The bromodomain and extraterminal (BET) proteins are a bromodomain subfamily that includes BRD2, BRD3, BRD4, and BRDT.1

  • Characterized by the presence of two acetyl-histone reading bromodomains and an ET domain2-4

The BET proteins utilize bromodomains to interact with acetylated histone tails and mediate downstream functions, such as histone acetylation recognition, chromatin remodeling, and transcription regulation.1,5

  • Bind to acetylated chromatin and target chromatin-modifying enzymes to specific sites6
  • Activate transcription of genes, especially of those associated with the cell-cycle4

Implications in cancer

BET family proteins are involved in promoting aberrant oncogene expression in a variety of cancers.7-10

Overexpression and gain-of-function mutations of BET proteins can alter gene transcription, histone modification, DNA repair, and apoptosis.1

BRD4 is implicated in a number of hematological and solid tumors.11

  • Modulates transcription elongation of essential genes involved in cell cycle and apoptosis, such as c-Myc and BCL-2.

Oncogenic Expression

Acute Myeloid Leukemia

  • The BET family of proteins may be involved in the pathogenesis of AML, particularly in AML harboring mutations in NPM1 and MLL.12
    • Dysregulated transcription causes overexpression of critical oncogenes, including c-Myc and BCL-2.12,13
  • Additionally, the BET family of proteins likely promotes oncogenesis through a number of shared pathways activated in FLT3 AML, including STAT5, AKT, and ERK.9,12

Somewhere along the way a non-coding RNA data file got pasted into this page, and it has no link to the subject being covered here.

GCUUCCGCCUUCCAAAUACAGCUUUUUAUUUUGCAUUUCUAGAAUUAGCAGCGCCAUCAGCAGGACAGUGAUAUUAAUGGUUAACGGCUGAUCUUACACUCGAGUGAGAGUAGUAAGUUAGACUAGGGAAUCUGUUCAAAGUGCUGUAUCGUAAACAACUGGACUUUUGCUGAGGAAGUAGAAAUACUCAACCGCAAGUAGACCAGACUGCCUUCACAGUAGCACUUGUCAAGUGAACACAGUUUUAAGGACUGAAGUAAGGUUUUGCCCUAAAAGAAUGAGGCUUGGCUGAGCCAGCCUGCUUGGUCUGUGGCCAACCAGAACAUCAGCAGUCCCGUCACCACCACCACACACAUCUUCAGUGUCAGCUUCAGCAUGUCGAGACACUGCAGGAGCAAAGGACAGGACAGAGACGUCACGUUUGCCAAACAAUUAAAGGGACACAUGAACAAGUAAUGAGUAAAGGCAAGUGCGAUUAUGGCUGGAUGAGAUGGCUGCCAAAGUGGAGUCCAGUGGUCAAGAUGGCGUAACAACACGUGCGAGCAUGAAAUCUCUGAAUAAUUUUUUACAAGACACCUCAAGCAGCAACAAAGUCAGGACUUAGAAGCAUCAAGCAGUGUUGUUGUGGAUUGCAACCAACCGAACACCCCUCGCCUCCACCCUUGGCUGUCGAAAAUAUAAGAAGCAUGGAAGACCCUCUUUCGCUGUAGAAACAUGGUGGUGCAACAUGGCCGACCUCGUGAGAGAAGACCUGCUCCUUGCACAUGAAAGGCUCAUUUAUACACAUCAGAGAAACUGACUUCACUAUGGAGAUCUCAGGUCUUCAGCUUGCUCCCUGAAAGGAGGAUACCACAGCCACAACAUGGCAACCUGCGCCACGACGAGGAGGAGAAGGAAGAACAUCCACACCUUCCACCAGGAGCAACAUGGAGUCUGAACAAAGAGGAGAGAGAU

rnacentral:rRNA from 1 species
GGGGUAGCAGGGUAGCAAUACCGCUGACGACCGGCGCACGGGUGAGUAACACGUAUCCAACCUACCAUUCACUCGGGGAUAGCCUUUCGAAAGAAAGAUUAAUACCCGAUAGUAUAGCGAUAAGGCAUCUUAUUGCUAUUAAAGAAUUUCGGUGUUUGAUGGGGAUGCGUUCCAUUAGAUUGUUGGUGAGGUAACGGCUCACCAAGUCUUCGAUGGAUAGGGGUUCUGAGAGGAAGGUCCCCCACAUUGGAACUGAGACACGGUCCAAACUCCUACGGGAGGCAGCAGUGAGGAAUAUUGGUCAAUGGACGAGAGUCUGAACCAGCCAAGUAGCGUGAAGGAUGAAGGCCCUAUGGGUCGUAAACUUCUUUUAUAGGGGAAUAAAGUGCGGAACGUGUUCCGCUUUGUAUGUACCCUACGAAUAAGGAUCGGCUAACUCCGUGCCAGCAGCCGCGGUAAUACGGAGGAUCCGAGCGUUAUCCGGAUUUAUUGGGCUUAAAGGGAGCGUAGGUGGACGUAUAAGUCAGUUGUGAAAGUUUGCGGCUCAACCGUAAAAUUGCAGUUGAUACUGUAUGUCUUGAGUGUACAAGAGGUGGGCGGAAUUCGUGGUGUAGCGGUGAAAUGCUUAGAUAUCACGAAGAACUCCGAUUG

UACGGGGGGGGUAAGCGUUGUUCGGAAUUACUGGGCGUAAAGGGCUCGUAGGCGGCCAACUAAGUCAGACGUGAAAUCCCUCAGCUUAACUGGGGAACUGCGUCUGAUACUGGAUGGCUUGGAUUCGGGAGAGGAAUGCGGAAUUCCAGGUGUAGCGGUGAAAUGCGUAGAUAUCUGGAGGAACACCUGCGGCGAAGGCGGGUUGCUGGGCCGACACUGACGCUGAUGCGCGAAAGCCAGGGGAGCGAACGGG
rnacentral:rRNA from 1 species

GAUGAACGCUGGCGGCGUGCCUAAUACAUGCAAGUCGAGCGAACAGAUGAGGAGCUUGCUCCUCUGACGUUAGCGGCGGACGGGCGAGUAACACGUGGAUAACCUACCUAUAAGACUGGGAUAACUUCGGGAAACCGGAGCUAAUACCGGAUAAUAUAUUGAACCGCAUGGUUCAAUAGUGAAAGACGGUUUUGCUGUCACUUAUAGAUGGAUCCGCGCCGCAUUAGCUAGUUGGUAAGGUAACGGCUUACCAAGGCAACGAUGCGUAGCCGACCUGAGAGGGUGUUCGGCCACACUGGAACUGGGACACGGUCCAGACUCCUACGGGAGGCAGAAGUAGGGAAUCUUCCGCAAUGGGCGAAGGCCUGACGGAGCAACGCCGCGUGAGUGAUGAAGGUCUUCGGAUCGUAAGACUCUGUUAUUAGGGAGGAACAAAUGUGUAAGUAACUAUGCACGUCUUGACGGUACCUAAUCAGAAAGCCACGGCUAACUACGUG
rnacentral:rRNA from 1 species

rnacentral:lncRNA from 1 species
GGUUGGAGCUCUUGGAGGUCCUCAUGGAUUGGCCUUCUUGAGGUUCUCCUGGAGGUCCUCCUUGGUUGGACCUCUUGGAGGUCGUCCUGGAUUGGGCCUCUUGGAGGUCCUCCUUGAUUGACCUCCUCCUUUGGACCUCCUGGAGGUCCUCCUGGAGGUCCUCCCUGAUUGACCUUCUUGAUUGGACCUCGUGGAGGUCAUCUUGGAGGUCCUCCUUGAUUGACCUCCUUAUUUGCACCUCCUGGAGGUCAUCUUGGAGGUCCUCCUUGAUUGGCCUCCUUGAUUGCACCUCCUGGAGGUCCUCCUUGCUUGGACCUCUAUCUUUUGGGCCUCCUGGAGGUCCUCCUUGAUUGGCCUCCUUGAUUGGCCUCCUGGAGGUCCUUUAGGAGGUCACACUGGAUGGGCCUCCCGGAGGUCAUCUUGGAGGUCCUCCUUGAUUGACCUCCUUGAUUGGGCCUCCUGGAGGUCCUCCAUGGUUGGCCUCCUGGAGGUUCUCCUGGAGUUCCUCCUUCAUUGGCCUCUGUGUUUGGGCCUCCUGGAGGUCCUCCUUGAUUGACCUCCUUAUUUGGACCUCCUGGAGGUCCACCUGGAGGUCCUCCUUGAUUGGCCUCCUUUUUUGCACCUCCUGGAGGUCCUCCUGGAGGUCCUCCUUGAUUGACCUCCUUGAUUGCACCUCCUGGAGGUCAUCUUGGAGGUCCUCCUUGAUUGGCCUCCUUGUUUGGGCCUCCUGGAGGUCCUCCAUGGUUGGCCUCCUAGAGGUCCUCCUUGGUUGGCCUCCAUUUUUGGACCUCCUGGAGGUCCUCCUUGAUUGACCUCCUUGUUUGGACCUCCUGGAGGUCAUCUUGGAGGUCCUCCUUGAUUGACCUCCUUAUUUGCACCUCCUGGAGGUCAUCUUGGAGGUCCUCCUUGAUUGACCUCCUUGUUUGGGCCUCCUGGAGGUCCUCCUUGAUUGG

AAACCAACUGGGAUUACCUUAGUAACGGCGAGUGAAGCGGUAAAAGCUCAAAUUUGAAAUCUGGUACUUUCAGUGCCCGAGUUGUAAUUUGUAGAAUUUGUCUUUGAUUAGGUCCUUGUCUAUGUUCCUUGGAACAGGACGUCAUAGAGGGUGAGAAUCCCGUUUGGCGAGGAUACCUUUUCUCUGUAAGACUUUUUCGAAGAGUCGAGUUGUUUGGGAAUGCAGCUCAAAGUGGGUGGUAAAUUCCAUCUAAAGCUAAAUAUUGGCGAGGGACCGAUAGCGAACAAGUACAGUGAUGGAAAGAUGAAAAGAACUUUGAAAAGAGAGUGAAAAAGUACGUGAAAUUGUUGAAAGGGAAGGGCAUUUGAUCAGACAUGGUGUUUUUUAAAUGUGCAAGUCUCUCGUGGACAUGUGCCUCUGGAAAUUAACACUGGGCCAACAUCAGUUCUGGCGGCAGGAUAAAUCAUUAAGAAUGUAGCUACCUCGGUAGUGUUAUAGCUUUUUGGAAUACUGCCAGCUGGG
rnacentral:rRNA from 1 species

1. Pfister SX, Ashworth A. Marked for death: targeting epigenetic changes in cancer. Nat Rev Drug Discov. 2017;16(4):241-263.
  2. Zeng L, Zhou MM. Bromodomain: an acetyl-lysine binding domain. FEBS Lett. 2002;513(1):124-128.
  3. Wadhwa E, Nicolaides T. Bromodomain inhibitor review: bromodomain and extra-terminal family protein inhibitors as a potential new therapy in central nervous system tumors. Cureus. 2016;8(5):e620.
  4. Garcia-Gutierrez P, Mundi M, Garcia-Dominguez M. Association of bromodomain BET proteins with chromatin requires dimerization through the conserved motif B. J Cell Sci. 2012;125(Pt 15):3671-3680.
  5. Wu SY, Chiang CM. The double bromodomain-containing chromatin adaptor Brd4 and transcriptional regulation. J Biol Chem. 2007;282(18):13141-13145.
  6. Muller S, Filippakopoulos P, Knapp S. Bromodomains as therapeutic targets. Expert Rev Mol Med. 2011;13:e29.
  7. Fu LL, Tian M, Li X, et al. Inhibition of BET bromodomains as a therapeutic strategy for cancer drug discovery. Oncotarget. 2015;6(8):5501-5516.
  8. Delmore JE, Issa GC, Lemieux ME, et al. BET bromodomain inhibition as a therapeutic strategy to target c-Myc. Cell. 2011;146(6):904-917.
  9. Liu S, Walker SR, Nelson EA, et al. Targeting STAT5 in hematologic malignancies through inhibition of the bromodomain and extra-terminal (BET) bromodomain protein BRD2. Mol Cancer Ther. 2014;13(5):1194-1205.
  10. Mertz JA, Conery AR, Bryant BM, et al. Targeting MYC dependence in cancer by inhibiting BET bromodomains. Proc Natl Acad Sci U S A. 2011;108(40):16669-16674.
  11. Jung M, Gelato KA, Fernández-Montalván A, Siegel S, Haendler B. Targeting BET bromodomains for cancer treatment. Epigenomics. 2015;7(3):487-501.
  12. Abedin SM, et al. BET inhibitors in the treatment of hematologic malignancies: current insights and future prospects. Onco Targets Ther. 2016;9:5943-5953.
  13. Dawson MA, Gudgin EJ, Horton SJ, et al. Recurrent mutations, including NPM1c, activate a BRD4-dependent core transcriptional program in acute myeloid leukemia. Leukemia. 2014;28(2):311-320.

Need more information?

Explore Careers

Contact Medical Information

For All Other Information